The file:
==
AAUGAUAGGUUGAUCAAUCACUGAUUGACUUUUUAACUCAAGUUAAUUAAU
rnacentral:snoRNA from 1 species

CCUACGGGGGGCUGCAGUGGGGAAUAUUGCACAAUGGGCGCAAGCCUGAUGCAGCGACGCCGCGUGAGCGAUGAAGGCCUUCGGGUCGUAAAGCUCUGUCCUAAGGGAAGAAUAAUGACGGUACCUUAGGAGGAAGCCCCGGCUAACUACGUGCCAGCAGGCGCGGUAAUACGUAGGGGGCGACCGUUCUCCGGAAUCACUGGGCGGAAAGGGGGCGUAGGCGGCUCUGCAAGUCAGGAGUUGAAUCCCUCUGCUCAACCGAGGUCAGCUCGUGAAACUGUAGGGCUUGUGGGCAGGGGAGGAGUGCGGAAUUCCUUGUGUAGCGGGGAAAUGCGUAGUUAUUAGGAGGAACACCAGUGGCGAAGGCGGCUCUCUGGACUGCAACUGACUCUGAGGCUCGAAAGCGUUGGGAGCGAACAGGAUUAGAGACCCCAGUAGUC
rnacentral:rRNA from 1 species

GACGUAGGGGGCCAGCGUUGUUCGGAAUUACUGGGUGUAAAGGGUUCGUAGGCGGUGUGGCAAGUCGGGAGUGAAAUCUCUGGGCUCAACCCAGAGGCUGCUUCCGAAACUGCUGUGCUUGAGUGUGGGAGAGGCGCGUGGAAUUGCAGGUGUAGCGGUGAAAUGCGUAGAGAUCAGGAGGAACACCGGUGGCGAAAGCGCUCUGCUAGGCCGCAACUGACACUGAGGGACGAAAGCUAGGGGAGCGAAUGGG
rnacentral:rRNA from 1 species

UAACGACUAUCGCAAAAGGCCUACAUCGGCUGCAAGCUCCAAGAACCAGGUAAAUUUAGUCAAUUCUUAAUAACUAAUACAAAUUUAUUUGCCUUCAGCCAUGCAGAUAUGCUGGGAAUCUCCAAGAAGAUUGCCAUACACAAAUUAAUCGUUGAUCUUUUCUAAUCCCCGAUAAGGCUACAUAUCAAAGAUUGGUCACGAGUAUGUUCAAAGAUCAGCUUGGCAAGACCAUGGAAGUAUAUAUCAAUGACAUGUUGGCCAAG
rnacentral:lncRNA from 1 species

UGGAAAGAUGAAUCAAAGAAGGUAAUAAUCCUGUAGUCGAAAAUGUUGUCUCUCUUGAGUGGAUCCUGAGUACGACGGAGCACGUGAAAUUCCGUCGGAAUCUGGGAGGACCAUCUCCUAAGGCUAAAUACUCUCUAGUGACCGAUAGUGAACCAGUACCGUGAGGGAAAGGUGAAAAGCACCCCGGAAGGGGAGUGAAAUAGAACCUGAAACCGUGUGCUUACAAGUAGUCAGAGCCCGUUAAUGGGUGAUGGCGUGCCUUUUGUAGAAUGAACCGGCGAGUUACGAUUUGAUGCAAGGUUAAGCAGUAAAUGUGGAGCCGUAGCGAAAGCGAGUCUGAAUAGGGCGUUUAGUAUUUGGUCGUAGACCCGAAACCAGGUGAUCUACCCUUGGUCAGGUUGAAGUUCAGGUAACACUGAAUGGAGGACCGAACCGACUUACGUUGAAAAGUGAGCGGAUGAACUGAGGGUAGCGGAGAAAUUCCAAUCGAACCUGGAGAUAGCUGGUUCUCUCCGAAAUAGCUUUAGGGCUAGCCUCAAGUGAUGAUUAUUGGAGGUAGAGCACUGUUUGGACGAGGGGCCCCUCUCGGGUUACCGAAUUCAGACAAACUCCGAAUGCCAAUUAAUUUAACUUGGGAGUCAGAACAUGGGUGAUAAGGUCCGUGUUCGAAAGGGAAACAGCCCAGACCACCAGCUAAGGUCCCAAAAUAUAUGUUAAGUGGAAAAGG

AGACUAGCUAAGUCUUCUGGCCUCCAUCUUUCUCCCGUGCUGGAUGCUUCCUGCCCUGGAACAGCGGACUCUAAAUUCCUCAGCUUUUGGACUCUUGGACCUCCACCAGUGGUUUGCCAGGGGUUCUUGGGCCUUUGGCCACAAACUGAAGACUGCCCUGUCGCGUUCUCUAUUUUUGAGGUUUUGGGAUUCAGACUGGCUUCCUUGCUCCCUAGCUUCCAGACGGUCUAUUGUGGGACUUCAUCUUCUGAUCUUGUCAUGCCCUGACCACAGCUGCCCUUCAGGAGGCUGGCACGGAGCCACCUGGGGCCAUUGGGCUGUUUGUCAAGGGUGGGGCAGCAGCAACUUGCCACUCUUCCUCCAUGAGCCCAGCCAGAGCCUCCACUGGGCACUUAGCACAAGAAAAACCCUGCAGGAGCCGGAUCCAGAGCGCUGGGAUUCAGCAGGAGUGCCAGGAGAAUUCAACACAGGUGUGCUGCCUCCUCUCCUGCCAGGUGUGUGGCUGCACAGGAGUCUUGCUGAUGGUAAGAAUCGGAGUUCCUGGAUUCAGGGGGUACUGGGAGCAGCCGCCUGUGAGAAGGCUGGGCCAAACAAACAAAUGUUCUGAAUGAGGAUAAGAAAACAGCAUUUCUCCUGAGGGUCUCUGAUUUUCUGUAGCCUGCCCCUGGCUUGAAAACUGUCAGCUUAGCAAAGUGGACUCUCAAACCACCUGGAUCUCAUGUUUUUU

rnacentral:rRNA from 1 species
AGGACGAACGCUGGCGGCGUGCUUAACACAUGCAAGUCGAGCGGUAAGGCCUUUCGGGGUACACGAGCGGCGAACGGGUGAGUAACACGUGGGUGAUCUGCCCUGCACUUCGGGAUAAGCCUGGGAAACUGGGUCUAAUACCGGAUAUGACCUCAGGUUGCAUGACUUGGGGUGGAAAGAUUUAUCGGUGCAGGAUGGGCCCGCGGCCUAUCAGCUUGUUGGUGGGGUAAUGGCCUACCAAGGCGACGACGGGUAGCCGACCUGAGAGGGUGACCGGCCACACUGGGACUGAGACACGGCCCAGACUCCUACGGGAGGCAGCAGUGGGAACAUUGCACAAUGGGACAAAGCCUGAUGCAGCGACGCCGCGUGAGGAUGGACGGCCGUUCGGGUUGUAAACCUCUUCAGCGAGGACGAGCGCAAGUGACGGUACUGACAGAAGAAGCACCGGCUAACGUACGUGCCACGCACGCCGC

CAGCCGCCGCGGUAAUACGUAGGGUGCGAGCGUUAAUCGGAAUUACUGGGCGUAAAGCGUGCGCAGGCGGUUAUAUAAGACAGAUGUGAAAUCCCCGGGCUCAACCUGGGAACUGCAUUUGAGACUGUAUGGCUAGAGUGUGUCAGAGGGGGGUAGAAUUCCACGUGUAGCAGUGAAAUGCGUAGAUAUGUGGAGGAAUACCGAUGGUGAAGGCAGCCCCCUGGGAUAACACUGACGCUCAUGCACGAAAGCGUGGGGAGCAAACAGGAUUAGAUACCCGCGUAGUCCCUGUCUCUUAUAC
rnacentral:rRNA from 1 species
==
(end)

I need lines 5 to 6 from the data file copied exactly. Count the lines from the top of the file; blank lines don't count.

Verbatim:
GACGUAGGGGGCCAGCGUUGUUCGGAAUUACUGGGUGUAAAGGGUUCGUAGGCGGUGUGGCAAGUCGGGAGUGAAAUCUCUGGGCUCAACCCAGAGGCUGCUUCCGAAACUGCUGUGCUUGAGUGUGGGAGAGGCGCGUGGAAUUGCAGGUGUAGCGGUGAAAUGCGUAGAGAUCAGGAGGAACACCGGUGGCGAAAGCGCUCUGCUAGGCCGCAACUGACACUGAGGGACGAAAGCUAGGGGAGCGAAUGGG
rnacentral:rRNA from 1 species